Acid-base disturbances: Pathology review

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Acid-base disturbances: Pathology review

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A 57-year-old man comes to the emergency department for evaluation of acute-onset shortness of breath and chest pain that began three hours ago. The patient reports poorly-localized chest pain worse with inspiration. He is a business executive and recently returned from an overseas trip. Past medical history includes hypertension and hyperlipidemia. His temperature is 37.3°C (99.1°F), pulse is 91/min, blood pressure is 142/71 mmHg, and respirations are 21/min. Breath sounds are clear to auscultation bilaterally. Examination of the lower extremities reveals swelling and erythema in the right calf. Dorsalis pedis and posterior tibial pulses are 3+ bilaterally. A chest CT is ordered and reveals the following:


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An arterial blood gas is pending. Which of the following findings will most likely be present on laboratory analysis?  

Transcript

Content Reviewers:

Yifan Xiao, MD

Two people came into the Emergency Department one day.

The first one is 33 year old Muriel who came in with abdominal pain, a severe headache and hyperventilation.

One of Muriel’s friends said that she caught her drinking antifreeze.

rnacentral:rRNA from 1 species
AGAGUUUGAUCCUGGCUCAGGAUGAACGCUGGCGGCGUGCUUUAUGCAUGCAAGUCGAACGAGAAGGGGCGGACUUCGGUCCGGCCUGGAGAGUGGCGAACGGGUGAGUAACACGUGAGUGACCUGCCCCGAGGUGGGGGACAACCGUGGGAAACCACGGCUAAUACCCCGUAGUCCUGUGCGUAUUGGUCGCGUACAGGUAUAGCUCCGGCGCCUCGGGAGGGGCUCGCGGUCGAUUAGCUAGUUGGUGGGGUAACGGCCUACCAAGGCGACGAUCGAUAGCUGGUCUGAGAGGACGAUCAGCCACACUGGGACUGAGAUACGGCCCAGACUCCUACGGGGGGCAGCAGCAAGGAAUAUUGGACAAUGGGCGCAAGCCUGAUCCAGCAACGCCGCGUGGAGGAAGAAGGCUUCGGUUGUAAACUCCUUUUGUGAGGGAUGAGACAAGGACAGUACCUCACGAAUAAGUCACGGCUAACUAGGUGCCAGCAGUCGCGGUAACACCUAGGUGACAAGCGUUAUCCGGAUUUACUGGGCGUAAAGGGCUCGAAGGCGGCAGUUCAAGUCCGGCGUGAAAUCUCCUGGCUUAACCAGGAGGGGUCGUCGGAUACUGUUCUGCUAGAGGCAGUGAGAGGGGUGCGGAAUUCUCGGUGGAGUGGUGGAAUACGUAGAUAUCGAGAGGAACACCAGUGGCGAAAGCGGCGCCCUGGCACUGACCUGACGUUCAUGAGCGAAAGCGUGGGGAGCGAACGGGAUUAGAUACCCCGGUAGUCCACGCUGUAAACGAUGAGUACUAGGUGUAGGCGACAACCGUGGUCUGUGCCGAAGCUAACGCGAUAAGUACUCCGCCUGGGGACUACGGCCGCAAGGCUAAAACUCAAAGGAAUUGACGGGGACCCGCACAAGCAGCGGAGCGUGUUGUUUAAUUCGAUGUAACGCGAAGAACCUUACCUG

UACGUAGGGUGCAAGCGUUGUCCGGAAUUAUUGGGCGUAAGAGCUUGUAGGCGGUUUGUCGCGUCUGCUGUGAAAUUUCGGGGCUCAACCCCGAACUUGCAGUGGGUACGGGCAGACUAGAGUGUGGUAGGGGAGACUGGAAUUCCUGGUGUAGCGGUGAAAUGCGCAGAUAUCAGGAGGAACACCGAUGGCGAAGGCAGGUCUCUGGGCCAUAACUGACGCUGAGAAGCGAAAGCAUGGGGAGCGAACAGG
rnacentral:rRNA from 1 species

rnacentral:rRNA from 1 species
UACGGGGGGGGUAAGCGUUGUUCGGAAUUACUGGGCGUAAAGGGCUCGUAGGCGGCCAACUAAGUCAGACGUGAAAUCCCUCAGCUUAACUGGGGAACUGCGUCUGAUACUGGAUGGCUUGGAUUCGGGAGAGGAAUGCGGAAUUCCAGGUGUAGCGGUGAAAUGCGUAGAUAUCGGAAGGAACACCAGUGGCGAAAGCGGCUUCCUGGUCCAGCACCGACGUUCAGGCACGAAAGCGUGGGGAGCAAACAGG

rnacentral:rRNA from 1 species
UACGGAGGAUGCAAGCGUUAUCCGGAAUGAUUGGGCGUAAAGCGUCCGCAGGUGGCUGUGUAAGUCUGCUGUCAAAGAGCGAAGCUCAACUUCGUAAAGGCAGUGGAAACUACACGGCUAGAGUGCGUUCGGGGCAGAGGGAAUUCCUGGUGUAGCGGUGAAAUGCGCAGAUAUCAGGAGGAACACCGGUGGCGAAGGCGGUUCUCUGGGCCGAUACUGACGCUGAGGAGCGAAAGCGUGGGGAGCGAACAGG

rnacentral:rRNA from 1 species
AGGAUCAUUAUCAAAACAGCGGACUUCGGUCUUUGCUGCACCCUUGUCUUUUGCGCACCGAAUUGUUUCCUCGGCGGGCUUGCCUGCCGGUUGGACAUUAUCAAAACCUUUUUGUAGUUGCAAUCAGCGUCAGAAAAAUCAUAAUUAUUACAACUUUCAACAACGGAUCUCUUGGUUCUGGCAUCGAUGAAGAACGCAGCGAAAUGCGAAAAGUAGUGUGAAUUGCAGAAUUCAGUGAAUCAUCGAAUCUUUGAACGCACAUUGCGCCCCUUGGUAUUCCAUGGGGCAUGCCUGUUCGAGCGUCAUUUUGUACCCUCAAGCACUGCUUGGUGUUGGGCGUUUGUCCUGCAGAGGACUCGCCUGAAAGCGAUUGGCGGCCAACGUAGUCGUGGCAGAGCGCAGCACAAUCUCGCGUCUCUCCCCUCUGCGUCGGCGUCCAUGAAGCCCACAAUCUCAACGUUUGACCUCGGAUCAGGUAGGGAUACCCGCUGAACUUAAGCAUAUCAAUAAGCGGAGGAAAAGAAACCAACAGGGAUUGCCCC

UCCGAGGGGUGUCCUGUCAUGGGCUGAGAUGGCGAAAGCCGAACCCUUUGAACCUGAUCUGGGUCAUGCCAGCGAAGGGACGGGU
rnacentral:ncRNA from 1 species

The other one is 35 year old Eustace who came in with confusion and hypoventilation.

Eustace also has duodenal ulcers, for which he has been taking antacids.

Among other tests, an ABG was done for both individuals.

The results showed that Muriel had low pH, along with low levels of bicarbonate and low levels of pCO2, while Eustace had high pH, along with high levels of bicarbonate and high levels of pCO2.

Okay, based on lab results, both individuals seem to have acid-base disturbances.

Now, let’s go back to the basics for a bit.

So, in plasma you can find carbon dioxide or CO2 and water or H2O.

They are constantly mixing together in order to make bicarbonate ion or HCO3− and hydrogen ion or H+.

Similarly, HCO3− and H+ can form CO2 and H2O.

Now, HCO3 − is mostly regulated by the kidneys and metabolism, while CO2 is regulated by the lungs.

The blood pH which corresponds to the hydrogen ion concentration needs to stay in a very narrow range, between 7.37 and 7.42.

Basically, the more hydrogen ions, the more acidic the blood is and the lower the pH.